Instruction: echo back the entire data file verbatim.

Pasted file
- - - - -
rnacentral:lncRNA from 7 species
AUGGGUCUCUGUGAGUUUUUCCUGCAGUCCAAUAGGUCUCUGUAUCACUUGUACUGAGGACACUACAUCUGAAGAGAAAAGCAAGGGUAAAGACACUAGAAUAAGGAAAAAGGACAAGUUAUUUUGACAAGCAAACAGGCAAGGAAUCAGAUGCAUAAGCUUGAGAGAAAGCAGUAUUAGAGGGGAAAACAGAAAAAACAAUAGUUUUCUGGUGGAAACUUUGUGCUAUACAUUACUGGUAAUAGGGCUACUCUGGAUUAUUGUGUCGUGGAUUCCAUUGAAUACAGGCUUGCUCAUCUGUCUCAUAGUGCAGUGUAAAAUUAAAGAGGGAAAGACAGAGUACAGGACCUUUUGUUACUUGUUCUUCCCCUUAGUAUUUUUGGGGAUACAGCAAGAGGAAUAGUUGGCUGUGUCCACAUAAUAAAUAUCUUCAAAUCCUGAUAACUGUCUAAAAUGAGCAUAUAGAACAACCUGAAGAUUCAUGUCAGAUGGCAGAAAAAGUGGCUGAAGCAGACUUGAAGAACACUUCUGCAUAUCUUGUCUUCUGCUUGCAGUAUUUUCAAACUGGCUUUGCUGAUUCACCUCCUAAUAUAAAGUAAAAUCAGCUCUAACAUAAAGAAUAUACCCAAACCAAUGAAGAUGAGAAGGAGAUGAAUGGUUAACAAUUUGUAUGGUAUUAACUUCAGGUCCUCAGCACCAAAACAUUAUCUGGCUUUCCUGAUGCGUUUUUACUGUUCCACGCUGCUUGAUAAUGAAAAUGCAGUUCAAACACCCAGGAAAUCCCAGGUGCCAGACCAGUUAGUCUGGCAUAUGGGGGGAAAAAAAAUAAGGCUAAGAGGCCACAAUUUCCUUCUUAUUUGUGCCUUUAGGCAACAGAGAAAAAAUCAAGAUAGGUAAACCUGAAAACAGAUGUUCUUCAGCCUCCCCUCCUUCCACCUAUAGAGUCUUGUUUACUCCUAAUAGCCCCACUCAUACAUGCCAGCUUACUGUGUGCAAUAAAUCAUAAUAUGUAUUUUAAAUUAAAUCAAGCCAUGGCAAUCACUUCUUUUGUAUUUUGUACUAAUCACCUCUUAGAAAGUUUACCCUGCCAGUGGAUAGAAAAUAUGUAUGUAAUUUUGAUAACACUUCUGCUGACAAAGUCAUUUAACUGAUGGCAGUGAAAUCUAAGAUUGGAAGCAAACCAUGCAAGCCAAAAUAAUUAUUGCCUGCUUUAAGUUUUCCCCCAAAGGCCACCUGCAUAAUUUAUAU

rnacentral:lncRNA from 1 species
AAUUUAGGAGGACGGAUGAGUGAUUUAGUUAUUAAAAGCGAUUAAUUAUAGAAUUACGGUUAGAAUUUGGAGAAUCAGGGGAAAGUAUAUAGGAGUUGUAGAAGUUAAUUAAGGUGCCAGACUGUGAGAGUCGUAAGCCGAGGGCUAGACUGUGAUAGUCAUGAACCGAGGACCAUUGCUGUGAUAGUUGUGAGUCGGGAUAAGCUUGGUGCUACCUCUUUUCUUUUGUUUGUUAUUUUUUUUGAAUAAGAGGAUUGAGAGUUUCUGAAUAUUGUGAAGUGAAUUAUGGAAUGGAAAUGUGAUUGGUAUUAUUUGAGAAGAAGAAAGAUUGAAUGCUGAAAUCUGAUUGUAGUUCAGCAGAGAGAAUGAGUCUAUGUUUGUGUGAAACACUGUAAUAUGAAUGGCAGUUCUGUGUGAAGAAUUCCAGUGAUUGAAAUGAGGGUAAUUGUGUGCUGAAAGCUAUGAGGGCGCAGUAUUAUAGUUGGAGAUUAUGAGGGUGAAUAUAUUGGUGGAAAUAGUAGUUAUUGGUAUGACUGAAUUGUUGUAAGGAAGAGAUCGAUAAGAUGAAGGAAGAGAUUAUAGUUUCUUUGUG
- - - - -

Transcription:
rnacentral:lncRNA from 7 species
AUGGGUCUCUGUGAGUUUUUCCUGCAGUCCAAUAGGUCUCUGUAUCACUUGUACUGAGGACACUACAUCUGAAGAGAAAAGCAAGGGUAAAGACACUAGAAUAAGGAAAAAGGACAAGUUAUUUUGACAAGCAAACAGGCAAGGAAUCAGAUGCAUAAGCUUGAGAGAAAGCAGUAUUAGAGGGGAAAACAGAAAAAACAAUAGUUUUCUGGUGGAAACUUUGUGCUAUACAUUACUGGUAAUAGGGCUACUCUGGAUUAUUGUGUCGUGGAUUCCAUUGAAUACAGGCUUGCUCAUCUGUCUCAUAGUGCAGUGUAAAAUUAAAGAGGGAAAGACAGAGUACAGGACCUUUUGUUACUUGUUCUUCCCCUUAGUAUUUUUGGGGAUACAGCAAGAGGAAUAGUUGGCUGUGUCCACAUAAUAAAUAUCUUCAAAUCCUGAUAACUGUCUAAAAUGAGCAUAUAGAACAACCUGAAGAUUCAUGUCAGAUGGCAGAAAAAGUGGCUGAAGCAGACUUGAAGAACACUUCUGCAUAUCUUGUCUUCUGCUUGCAGUAUUUUCAAACUGGCUUUGCUGAUUCACCUCCUAAUAUAAAGUAAAAUCAGCUCUAACAUAAAGAAUAUACCCAAACCAAUGAAGAUGAGAAGGAGAUGAAUGGUUAACAAUUUGUAUGGUAUUAACUUCAGGUCCUCAGCACCAAAACAUUAUCUGGCUUUCCUGAUGCGUUUUUACUGUUCCACGCUGCUUGAUAAUGAAAAUGCAGUUCAAACACCCAGGAAAUCCCAGGUGCCAGACCAGUUAGUCUGGCAUAUGGGGGGAAAAAAAAUAAGGCUAAGAGGCCACAAUUUCCUUCUUAUUUGUGCCUUUAGGCAACAGAGAAAAAAUCAAGAUAGGUAAACCUGAAAACAGAUGUUCUUCAGCCUCCCCUCCUUCCACCUAUAGAGUCUUGUUUACUCCUAAUAGCCCCACUCAUACAUGCCAGCUUACUGUGUGCAAUAAAUCAUAAUAUGUAUUUUAAAUUAAAUCAAGCCAUGGCAAUCACUUCUUUUGUAUUUUGUACUAAUCACCUCUUAGAAAGUUUACCCUGCCAGUGGAUAGAAAAUAUGUAUGUAAUUUUGAUAACACUUCUGCUGACAAAGUCAUUUAACUGAUGGCAGUGAAAUCUAAGAUUGGAAGCAAACCAUGCAAGCCAAAAUAAUUAUUGCCUGCUUUAAGUUUUCCCCCAAAGGCCACCUGCAUAAUUUAUAU

rnacentral:lncRNA from 1 species
AAUUUAGGAGGACGGAUGAGUGAUUUAGUUAUUAAAAGCGAUUAAUUAUAGAAUUACGGUUAGAAUUUGGAGAAUCAGGGGAAAGUAUAUAGGAGUUGUAGAAGUUAAUUAAGGUGCCAGACUGUGAGAGUCGUAAGCCGAGGGCUAGACUGUGAUAGUCAUGAACCGAGGACCAUUGCUGUGAUAGUUGUGAGUCGGGAUAAGCUUGGUGCUACCUCUUUUCUUUUGUUUGUUAUUUUUUUUGAAUAAGAGGAUUGAGAGUUUCUGAAUAUUGUGAAGUGAAUUAUGGAAUGGAAAUGUGAUUGGUAUUAUUUGAGAAGAAGAAAGAUUGAAUGCUGAAAUCUGAUUGUAGUUCAGCAGAGAGAAUGAGUCUAUGUUUGUGUGAAACACUGUAAUAUGAAUGGCAGUUCUGUGUGAAGAAUUCCAGUGAUUGAAAUGAGGGUAAUUGUGUGCUGAAAGCUAUGAGGGCGCAGUAUUAUAGUUGGAGAUUAUGAGGGUGAAUAUAUUGGUGGAAAUAGUAGUUAUUGGUAUGACUGAAUUGUUGUAAGGAAGAGAUCGAUAAGAUGAAGGAAGAGAUUAUAGUUUCUUUGUG